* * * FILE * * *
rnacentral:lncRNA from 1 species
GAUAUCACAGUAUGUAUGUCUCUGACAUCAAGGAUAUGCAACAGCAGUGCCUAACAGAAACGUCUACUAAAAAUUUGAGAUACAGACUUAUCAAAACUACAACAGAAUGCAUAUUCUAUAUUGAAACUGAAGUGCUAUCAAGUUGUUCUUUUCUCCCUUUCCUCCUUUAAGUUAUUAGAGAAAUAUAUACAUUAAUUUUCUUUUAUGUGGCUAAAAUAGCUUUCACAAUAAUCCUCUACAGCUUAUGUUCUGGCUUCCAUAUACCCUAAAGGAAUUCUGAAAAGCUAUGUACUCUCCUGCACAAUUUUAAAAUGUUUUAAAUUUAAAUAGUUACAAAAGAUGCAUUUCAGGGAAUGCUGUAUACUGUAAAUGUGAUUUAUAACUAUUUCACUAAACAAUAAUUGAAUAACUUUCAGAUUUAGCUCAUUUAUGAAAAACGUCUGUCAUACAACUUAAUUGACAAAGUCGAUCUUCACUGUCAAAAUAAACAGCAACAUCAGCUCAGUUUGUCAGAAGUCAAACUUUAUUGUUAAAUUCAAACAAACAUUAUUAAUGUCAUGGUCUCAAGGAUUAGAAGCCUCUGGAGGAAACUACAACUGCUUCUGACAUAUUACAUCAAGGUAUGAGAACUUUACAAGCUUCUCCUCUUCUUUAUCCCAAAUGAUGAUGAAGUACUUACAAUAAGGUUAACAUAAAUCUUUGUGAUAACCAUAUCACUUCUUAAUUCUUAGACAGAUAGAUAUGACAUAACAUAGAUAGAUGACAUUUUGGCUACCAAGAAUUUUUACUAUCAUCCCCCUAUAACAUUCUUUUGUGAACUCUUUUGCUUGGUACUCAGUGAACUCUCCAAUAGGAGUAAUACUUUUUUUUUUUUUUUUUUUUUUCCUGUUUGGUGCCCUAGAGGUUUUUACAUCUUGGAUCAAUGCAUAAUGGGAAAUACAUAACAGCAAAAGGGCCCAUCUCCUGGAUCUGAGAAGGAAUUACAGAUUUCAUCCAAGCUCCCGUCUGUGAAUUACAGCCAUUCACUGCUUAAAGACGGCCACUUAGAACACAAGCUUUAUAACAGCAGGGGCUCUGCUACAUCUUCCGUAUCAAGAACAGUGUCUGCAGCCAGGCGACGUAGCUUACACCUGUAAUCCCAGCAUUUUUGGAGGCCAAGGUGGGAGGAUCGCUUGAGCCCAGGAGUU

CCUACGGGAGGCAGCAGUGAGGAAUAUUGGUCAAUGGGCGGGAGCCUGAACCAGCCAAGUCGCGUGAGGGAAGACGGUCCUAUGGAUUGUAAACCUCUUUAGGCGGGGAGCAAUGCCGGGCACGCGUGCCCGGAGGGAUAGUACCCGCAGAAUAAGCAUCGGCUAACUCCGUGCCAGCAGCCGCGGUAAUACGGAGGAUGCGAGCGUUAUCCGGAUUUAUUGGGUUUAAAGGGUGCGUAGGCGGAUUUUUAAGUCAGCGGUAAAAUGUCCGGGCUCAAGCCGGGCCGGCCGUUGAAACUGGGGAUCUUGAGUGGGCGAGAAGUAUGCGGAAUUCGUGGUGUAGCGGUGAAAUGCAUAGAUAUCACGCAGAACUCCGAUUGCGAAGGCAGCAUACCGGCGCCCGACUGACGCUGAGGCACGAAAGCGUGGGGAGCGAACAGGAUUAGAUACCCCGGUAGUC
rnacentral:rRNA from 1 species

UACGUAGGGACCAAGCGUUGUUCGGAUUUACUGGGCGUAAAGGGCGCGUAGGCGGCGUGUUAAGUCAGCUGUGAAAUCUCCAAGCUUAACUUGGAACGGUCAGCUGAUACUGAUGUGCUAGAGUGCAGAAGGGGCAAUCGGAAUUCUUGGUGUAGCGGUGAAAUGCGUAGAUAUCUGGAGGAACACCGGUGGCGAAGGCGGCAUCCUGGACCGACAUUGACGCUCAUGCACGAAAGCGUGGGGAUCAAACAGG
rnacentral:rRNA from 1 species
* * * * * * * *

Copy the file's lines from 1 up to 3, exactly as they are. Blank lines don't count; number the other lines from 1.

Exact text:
rnacentral:lncRNA from 1 species
GAUAUCACAGUAUGUAUGUCUCUGACAUCAAGGAUAUGCAACAGCAGUGCCUAACAGAAACGUCUACUAAAAAUUUGAGAUACAGACUUAUCAAAACUACAACAGAAUGCAUAUUCUAUAUUGAAACUGAAGUGCUAUCAAGUUGUUCUUUUCUCCCUUUCCUCCUUUAAGUUAUUAGAGAAAUAUAUACAUUAAUUUUCUUUUAUGUGGCUAAAAUAGCUUUCACAAUAAUCCUCUACAGCUUAUGUUCUGGCUUCCAUAUACCCUAAAGGAAUUCUGAAAAGCUAUGUACUCUCCUGCACAAUUUUAAAAUGUUUUAAAUUUAAAUAGUUACAAAAGAUGCAUUUCAGGGAAUGCUGUAUACUGUAAAUGUGAUUUAUAACUAUUUCACUAAACAAUAAUUGAAUAACUUUCAGAUUUAGCUCAUUUAUGAAAAACGUCUGUCAUACAACUUAAUUGACAAAGUCGAUCUUCACUGUCAAAAUAAACAGCAACAUCAGCUCAGUUUGUCAGAAGUCAAACUUUAUUGUUAAAUUCAAACAAACAUUAUUAAUGUCAUGGUCUCAAGGAUUAGAAGCCUCUGGAGGAAACUACAACUGCUUCUGACAUAUUACAUCAAGGUAUGAGAACUUUACAAGCUUCUCCUCUUCUUUAUCCCAAAUGAUGAUGAAGUACUUACAAUAAGGUUAACAUAAAUCUUUGUGAUAACCAUAUCACUUCUUAAUUCUUAGACAGAUAGAUAUGACAUAACAUAGAUAGAUGACAUUUUGGCUACCAAGAAUUUUUACUAUCAUCCCCCUAUAACAUUCUUUUGUGAACUCUUUUGCUUGGUACUCAGUGAACUCUCCAAUAGGAGUAAUACUUUUUUUUUUUUUUUUUUUUUUCCUGUUUGGUGCCCUAGAGGUUUUUACAUCUUGGAUCAAUGCAUAAUGGGAAAUACAUAACAGCAAAAGGGCCCAUCUCCUGGAUCUGAGAAGGAAUUACAGAUUUCAUCCAAGCUCCCGUCUGUGAAUUACAGCCAUUCACUGCUUAAAGACGGCCACUUAGAACACAAGCUUUAUAACAGCAGGGGCUCUGCUACAUCUUCCGUAUCAAGAACAGUGUCUGCAGCCAGGCGACGUAGCUUACACCUGUAAUCCCAGCAUUUUUGGAGGCCAAGGUGGGAGGAUCGCUUGAGCCCAGGAGUU

CCUACGGGAGGCAGCAGUGAGGAAUAUUGGUCAAUGGGCGGGAGCCUGAACCAGCCAAGUCGCGUGAGGGAAGACGGUCCUAUGGAUUGUAAACCUCUUUAGGCGGGGAGCAAUGCCGGGCACGCGUGCCCGGAGGGAUAGUACCCGCAGAAUAAGCAUCGGCUAACUCCGUGCCAGCAGCCGCGGUAAUACGGAGGAUGCGAGCGUUAUCCGGAUUUAUUGGGUUUAAAGGGUGCGUAGGCGGAUUUUUAAGUCAGCGGUAAAAUGUCCGGGCUCAAGCCGGGCCGGCCGUUGAAACUGGGGAUCUUGAGUGGGCGAGAAGUAUGCGGAAUUCGUGGUGUAGCGGUGAAAUGCAUAGAUAUCACGCAGAACUCCGAUUGCGAAGGCAGCAUACCGGCGCCCGACUGACGCUGAGGCACGAAAGCGUGGGGAGCGAACAGGAUUAGAUACCCCGGUAGUC